Do complex population histories drive higher estimates of substitution rate in phylogenetic reconstructions?
Article first published online: 14 OCT 2009
© 2009 Blackwell Publishing Ltd
Volume 18, Issue 21, pages 4341–4343, November 2009
How to Cite
RAMAKRISHNAN, U. and HADLY, E. A. (2009), Do complex population histories drive higher estimates of substitution rate in phylogenetic reconstructions?. Molecular Ecology, 18: 4341–4343. doi: 10.1111/j.1365-294X.2009.04334.x
- Issue published online: 14 OCT 2009
- Article first published online: 14 OCT 2009
- Received 1 July 2009; revision received 20 July 2009; accepted 23 July 2009
- Ancient genetic data;
- molecular evolution;
- mutation rate;
- serial coalescent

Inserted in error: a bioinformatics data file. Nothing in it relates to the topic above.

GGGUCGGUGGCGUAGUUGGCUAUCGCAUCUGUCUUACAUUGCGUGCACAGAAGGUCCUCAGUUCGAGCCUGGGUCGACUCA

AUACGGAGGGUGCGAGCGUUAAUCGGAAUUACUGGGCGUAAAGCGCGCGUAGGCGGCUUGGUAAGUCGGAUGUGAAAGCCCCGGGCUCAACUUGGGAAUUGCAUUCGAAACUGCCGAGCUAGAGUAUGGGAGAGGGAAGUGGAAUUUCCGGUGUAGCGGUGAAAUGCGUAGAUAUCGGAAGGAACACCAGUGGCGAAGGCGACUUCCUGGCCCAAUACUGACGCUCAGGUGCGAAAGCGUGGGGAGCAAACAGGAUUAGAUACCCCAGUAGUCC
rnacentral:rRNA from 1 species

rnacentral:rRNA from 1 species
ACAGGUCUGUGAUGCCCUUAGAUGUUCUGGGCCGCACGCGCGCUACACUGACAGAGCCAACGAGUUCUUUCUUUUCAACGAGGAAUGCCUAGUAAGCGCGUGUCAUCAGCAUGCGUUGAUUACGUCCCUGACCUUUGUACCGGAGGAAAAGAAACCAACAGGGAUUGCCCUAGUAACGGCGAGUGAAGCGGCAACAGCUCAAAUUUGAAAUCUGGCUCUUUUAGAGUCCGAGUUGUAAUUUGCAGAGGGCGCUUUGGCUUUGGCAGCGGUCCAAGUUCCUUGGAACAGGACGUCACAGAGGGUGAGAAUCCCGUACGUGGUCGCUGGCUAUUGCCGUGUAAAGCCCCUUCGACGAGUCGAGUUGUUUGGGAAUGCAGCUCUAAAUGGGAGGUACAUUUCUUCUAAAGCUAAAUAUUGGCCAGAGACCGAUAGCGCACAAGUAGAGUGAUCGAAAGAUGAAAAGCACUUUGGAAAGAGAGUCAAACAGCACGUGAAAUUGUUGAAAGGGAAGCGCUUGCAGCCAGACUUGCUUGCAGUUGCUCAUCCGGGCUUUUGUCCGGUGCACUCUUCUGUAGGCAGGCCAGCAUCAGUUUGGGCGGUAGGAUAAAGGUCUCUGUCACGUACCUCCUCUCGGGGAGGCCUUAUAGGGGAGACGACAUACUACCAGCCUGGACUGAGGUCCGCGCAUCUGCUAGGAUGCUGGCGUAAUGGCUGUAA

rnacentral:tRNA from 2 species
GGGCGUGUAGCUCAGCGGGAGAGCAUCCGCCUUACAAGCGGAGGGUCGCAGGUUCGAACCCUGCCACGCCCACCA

Our curiosity about biodiversity compels us to reconstruct the evolutionary past of species. Molecular evolutionary theory now allows parameterization of mathematically sophisticated and detailed models of DNA evolution, which have resulted in a wealth of phylogenetic histories. But reconstructing how species and population histories have played out is critically dependent on the assumptions we make, such as the clock-like accumulation of genetic differences over time and the rate of accumulation of such differences. An important stumbling block in the reconstruction of evolutionary history has been the discordance in estimates of substitution rate between phylogenetic and pedigree-based studies. Ancient genetic data recovered directly from the past are intermediate in time scale between phylogenetics-based and pedigree-based calibrations of substitution rate. Recent analyses of such ancient genetic data suggest that substitution rates are closer to the higher, pedigree-based estimates. In this issue, Navascués & Emerson (2009) model genetic data from contemporary and ancient populations that deviate from a simple demographic history (including changes in population size and structure) using serial coalescent simulations. Furthermore, they show that when these data are used for calibration, we are likely to arrive at upwardly biased estimates of mutation rate.